Come out, come out, wherever you are - The Conjuring

Vera Farmiga in The Conjuring

I wasn't a great writer to start with, in spite of what my few well-wishers may have you believe. At best, I might have been or rather would have been a mediocre writer. As I see, there is ample room for mediocre writers in this town. Mediocre has seemingly become the new exemplary. Sticking to that notion of ordinariness, I have now mustered the courage to pen what I believe are my thoughts concerning a brand new spook fest that goes by the suspicious title of The Conjuring. It's an extraordinary little film that I had been warned against watching on the big screen. And as is customary, I had summarily dismissed the warnings as all too inconsequential. BIG mistake.

The Conjuring ended up giving me a Big Kahuna migraine bang in the middle of the night, and ensured its images stayed with me for the better half of the day that followed. When people tell you that the film is replete with old school scares, you might do well to brush up on your fundamentals of fear, in case you've gone rusty. Maybe you could go back and revisit the horror flicks that scared the pants off you at an age when fear still meant something. I had entered the theater with trepidation. In fact, I did want to experience fear. And the film dished it out in spades, and then some.

As usual, there are going to be no spoilers here. Those hoping for a quickie can stick around. I am also aware that revealing too much about the film would ruin your experience. So please forgive me if I veer off from telling you about the bare bones of the plot. I'd still suggest you go in with as minimal information as is humanly possible to garner prior to such screenings. The opening tells you that the film is based on actual events that took place in the 70s. How much this affects your interpretation of what transpires on screen, is purely relative to your belief in the supernatural.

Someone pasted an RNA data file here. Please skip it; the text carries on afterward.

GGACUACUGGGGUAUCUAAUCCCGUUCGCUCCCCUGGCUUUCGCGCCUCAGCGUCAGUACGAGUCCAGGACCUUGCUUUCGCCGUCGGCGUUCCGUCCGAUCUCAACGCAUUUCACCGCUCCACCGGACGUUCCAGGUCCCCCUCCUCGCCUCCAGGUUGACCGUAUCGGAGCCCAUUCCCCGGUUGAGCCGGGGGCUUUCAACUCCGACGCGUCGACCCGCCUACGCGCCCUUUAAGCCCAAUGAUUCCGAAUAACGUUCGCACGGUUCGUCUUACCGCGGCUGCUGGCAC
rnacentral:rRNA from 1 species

Skeptics might have a field day and theologians may argue their socks off. But it's the unsuspecting viewer who might end up as the biggest casualty here. The film is a potent testament to the power of manipulation as employed by those behind and before the camera. By the way, for those who haven't even caught the trailer of the film, stay away from it. There's a huge boo moment in the trailer which ranks as one of the spookiest moments in The Conjuring. You'd be doing yourself a great disservice if you happened to catch that scene on anything other than a 70 mm screen.

One of the epiphanies that I have had during and post the screening of the film is that a good horror film is as hard to construct as it is to create a great work of comedy. Knowing what makes people laugh is hard enough. But knowing what genuinely scares people is even harder. It’s not torture porn or gorno that I am referring to here. It’s a genuine sense of being unnerved, a notion of being unsettled, the idea that pure evil lurks around the corner, devoid of a tangible demonic or quasi humanoid form that dispels any notion of comfort or closure. Isn't it just a fact that what we fear most is what we do not understand?

Now I realize I haven't even scraped the surface of the film and I have been ranting on about everything but the story. But I guess that's something I'd prefer leaving to the viewer to discover for themselves. But I must leave you with one observation. Looking back in hindsight, I might regard the proceedings as the figment of a very febrile imagination. However, while you’re there in the theater, I can assure you, none of it will appear to be a make believe concoction. You will sincerely pray and wish for a speedy resolution, when the time comes. I can only hope that it’s a swift and possibly amnesiac trip for you.

PS: For the geeks in the crowd, there's a certain prop/visual reference used in The Conjuring that had served as a leitmotif in director James Wan's previous work of horror. It's a sitting duck of a clue, but do leave the answer in the comments. Would be fun to see if you found it.